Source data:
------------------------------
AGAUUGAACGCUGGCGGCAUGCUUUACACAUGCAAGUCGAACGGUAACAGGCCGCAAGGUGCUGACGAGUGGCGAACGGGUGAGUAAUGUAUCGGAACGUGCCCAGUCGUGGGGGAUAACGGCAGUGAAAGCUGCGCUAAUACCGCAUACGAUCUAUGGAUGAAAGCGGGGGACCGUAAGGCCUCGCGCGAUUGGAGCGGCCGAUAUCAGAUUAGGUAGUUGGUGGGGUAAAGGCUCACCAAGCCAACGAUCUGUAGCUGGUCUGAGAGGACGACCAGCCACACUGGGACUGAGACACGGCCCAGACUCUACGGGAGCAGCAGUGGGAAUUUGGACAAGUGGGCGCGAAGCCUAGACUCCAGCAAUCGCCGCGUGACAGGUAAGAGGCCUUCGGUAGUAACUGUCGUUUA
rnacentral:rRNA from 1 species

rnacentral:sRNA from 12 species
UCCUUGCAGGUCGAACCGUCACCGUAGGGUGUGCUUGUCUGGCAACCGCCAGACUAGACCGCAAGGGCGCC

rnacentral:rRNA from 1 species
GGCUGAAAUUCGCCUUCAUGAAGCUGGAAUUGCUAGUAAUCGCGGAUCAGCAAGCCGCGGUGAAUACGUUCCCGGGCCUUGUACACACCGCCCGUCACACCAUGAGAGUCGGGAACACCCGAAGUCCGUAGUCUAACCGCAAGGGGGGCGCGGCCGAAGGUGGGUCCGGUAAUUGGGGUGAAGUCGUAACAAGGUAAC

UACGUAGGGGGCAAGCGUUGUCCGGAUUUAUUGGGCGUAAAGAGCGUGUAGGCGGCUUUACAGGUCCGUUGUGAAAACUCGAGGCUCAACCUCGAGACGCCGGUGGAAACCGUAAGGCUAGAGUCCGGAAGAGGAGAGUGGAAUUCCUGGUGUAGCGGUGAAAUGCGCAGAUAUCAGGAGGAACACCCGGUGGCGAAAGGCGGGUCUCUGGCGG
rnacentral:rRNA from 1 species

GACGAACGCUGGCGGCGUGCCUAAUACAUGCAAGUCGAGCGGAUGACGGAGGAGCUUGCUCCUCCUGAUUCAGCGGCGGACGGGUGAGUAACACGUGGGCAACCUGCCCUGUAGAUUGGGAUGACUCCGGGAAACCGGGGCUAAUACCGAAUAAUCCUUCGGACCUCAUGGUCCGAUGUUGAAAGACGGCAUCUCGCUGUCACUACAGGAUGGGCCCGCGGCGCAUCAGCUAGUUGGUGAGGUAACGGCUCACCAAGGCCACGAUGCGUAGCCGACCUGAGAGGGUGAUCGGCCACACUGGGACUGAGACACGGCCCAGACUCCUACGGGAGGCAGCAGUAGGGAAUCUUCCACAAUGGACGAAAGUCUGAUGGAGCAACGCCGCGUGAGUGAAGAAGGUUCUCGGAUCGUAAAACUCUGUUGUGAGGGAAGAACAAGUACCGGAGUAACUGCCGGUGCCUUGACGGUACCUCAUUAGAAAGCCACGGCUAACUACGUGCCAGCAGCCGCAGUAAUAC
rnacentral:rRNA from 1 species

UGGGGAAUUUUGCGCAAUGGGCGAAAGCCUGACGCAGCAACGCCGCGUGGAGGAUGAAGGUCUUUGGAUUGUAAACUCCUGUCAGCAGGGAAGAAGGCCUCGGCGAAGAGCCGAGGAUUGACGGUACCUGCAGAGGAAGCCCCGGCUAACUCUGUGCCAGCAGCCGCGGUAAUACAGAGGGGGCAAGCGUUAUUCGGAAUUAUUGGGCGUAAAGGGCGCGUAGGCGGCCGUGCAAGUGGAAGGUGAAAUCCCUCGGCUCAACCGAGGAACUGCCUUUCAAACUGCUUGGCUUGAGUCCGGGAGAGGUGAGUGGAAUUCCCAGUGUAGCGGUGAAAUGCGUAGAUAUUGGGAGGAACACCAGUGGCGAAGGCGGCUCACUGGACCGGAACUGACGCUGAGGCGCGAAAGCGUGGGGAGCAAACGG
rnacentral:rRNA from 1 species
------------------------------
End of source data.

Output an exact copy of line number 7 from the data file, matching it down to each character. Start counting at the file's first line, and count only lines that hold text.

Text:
UACGUAGGGGGCAAGCGUUGUCCGGAUUUAUUGGGCGUAAAGAGCGUGUAGGCGGCUUUACAGGUCCGUUGUGAAAACUCGAGGCUCAACCUCGAGACGCCGGUGGAAACCGUAAGGCUAGAGUCCGGAAGAGGAGAGUGGAAUUCCUGGUGUAGCGGUGAAAUGCGCAGAUAUCAGGAGGAACACCCGGUGGCGAAAGGCGGGUCUCUGGCGG